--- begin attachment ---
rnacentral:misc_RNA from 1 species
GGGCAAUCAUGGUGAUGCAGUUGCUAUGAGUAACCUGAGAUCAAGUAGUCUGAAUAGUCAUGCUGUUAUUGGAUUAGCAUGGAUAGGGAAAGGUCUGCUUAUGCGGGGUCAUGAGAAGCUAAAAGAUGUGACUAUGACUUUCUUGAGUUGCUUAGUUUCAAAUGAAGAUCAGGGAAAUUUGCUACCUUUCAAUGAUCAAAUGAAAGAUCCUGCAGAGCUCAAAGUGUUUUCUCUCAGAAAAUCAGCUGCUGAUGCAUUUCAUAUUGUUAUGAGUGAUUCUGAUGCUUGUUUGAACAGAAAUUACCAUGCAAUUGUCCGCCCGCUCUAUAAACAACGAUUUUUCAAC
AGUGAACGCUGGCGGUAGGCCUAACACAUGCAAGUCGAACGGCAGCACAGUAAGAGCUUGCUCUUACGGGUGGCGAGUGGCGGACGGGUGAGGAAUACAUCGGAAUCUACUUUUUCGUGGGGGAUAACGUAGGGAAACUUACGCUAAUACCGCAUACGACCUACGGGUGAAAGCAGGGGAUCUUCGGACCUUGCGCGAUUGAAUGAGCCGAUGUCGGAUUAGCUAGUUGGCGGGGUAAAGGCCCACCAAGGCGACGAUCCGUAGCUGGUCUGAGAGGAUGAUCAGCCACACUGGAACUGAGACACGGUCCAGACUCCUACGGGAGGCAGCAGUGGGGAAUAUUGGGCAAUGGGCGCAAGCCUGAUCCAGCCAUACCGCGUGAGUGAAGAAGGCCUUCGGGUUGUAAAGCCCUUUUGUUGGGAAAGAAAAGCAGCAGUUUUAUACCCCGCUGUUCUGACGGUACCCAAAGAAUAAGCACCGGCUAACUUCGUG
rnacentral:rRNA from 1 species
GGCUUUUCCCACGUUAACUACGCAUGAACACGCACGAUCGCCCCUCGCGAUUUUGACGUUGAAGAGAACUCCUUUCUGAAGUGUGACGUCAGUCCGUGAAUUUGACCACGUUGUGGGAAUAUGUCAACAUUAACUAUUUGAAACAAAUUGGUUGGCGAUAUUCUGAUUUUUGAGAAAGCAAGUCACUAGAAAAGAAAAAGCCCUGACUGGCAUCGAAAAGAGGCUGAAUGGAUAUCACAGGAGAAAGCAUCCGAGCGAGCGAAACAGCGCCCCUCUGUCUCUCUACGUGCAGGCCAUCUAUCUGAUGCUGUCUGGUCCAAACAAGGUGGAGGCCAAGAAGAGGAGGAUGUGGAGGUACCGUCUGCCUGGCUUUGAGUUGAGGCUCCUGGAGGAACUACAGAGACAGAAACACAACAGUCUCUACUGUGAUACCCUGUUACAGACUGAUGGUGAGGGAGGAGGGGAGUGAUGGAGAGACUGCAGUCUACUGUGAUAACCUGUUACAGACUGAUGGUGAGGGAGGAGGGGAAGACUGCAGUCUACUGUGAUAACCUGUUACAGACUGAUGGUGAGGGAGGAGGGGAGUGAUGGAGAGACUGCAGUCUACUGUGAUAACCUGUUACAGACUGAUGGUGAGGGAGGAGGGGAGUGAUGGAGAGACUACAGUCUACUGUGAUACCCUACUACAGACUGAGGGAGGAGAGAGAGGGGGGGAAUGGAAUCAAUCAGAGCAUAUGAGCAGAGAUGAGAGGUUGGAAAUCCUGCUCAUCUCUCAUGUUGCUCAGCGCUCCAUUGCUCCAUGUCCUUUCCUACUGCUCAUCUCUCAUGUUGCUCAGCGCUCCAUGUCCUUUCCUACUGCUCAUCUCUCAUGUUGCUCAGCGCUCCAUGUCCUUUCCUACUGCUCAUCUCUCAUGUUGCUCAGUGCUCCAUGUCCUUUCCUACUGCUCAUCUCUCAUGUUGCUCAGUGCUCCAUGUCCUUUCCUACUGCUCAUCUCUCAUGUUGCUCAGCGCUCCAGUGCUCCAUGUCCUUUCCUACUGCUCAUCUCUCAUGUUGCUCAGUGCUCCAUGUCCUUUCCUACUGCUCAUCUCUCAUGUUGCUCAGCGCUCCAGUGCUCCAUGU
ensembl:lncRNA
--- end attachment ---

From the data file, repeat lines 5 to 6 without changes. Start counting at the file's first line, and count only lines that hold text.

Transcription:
GGCUUUUCCCACGUUAACUACGCAUGAACACGCACGAUCGCCCCUCGCGAUUUUGACGUUGAAGAGAACUCCUUUCUGAAGUGUGACGUCAGUCCGUGAAUUUGACCACGUUGUGGGAAUAUGUCAACAUUAACUAUUUGAAACAAAUUGGUUGGCGAUAUUCUGAUUUUUGAGAAAGCAAGUCACUAGAAAAGAAAAAGCCCUGACUGGCAUCGAAAAGAGGCUGAAUGGAUAUCACAGGAGAAAGCAUCCGAGCGAGCGAAACAGCGCCCCUCUGUCUCUCUACGUGCAGGCCAUCUAUCUGAUGCUGUCUGGUCCAAACAAGGUGGAGGCCAAGAAGAGGAGGAUGUGGAGGUACCGUCUGCCUGGCUUUGAGUUGAGGCUCCUGGAGGAACUACAGAGACAGAAACACAACAGUCUCUACUGUGAUACCCUGUUACAGACUGAUGGUGAGGGAGGAGGGGAGUGAUGGAGAGACUGCAGUCUACUGUGAUAACCUGUUACAGACUGAUGGUGAGGGAGGAGGGGAAGACUGCAGUCUACUGUGAUAACCUGUUACAGACUGAUGGUGAGGGAGGAGGGGAGUGAUGGAGAGACUGCAGUCUACUGUGAUAACCUGUUACAGACUGAUGGUGAGGGAGGAGGGGAGUGAUGGAGAGACUACAGUCUACUGUGAUACCCUACUACAGACUGAGGGAGGAGAGAGAGGGGGGGAAUGGAAUCAAUCAGAGCAUAUGAGCAGAGAUGAGAGGUUGGAAAUCCUGCUCAUCUCUCAUGUUGCUCAGCGCUCCAUUGCUCCAUGUCCUUUCCUACUGCUCAUCUCUCAUGUUGCUCAGCGCUCCAUGUCCUUUCCUACUGCUCAUCUCUCAUGUUGCUCAGCGCUCCAUGUCCUUUCCUACUGCUCAUCUCUCAUGUUGCUCAGUGCUCCAUGUCCUUUCCUACUGCUCAUCUCUCAUGUUGCUCAGUGCUCCAUGUCCUUUCCUACUGCUCAUCUCUCAUGUUGCUCAGCGCUCCAGUGCUCCAUGUCCUUUCCUACUGCUCAUCUCUCAUGUUGCUCAGUGCUCCAUGUCCUUUCCUACUGCUCAUCUCUCAUGUUGCUCAGCGCUCCAGUGCUCCAUGU
ensembl:lncRNA